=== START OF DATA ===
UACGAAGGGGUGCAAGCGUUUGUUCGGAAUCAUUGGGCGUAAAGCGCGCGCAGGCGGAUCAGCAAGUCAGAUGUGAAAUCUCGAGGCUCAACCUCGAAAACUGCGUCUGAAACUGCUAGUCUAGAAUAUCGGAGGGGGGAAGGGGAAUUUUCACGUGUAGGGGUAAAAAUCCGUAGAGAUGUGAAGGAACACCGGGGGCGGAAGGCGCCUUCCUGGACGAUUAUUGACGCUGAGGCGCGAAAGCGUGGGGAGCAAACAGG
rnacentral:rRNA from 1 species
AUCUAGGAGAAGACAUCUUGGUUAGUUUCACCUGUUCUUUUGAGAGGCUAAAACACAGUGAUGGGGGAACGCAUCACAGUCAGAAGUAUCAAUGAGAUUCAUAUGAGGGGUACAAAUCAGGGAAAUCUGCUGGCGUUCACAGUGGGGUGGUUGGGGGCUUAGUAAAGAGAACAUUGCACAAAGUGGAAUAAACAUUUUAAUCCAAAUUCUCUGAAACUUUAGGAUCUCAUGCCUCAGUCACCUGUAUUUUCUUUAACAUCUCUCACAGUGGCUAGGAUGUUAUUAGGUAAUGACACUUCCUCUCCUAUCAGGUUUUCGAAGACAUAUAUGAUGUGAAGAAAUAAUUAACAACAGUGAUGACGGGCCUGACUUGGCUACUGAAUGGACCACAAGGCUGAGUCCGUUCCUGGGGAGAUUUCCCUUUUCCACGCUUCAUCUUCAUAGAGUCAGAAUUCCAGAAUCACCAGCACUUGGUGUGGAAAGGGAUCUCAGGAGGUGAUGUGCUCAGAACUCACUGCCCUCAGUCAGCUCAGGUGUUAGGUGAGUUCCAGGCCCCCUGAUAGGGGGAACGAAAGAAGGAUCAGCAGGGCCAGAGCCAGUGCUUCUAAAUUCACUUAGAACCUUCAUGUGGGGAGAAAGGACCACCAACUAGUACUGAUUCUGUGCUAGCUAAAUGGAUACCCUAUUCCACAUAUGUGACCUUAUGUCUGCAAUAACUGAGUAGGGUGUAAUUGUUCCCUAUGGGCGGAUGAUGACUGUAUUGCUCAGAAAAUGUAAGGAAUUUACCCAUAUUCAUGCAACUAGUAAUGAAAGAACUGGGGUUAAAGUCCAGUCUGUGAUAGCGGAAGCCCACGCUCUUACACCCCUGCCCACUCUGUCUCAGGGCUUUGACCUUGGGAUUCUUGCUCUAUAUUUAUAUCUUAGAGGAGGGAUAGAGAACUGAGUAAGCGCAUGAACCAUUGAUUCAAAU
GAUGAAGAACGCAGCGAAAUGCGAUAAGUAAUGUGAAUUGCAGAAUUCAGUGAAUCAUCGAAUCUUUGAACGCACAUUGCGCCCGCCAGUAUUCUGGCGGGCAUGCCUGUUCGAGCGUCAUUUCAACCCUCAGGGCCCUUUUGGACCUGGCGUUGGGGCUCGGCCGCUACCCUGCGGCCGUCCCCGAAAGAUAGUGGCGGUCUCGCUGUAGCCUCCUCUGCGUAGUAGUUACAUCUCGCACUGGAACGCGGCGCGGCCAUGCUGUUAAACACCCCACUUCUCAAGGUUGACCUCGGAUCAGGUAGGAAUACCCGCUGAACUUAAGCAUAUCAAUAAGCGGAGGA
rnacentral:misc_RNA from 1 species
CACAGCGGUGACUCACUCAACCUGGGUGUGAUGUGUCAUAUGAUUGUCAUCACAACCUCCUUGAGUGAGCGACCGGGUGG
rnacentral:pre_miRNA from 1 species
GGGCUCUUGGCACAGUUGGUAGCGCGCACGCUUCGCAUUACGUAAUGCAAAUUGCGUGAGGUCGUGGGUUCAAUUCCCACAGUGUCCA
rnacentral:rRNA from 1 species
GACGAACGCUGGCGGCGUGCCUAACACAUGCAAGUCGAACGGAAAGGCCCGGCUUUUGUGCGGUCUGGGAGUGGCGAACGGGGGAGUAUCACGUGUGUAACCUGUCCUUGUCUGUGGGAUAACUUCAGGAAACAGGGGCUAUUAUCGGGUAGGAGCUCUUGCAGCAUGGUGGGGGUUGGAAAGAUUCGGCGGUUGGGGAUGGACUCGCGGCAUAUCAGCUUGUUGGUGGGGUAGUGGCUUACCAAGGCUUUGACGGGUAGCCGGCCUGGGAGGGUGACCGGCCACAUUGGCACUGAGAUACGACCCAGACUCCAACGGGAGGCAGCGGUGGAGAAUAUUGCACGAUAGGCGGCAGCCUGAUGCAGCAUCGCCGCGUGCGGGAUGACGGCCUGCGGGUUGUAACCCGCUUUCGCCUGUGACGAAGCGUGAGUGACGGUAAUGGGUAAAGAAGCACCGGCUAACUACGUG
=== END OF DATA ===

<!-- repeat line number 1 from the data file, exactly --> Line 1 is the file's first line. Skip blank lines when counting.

UACGAAGGGGUGCAAGCGUUUGUUCGGAAUCAUUGGGCGUAAAGCGCGCGCAGGCGGAUCAGCAAGUCAGAUGUGAAAUCUCGAGGCUCAACCUCGAAAACUGCGUCUGAAACUGCUAGUCUAGAAUAUCGGAGGGGGGAAGGGGAAUUUUCACGUGUAGGGGUAAAAAUCCGUAGAGAUGUGAAGGAACACCGGGGGCGGAAGGCGCCUUCCUGGACGAUUAUUGACGCUGAGGCGCGAAAGCGUGGGGAGCAAACAGG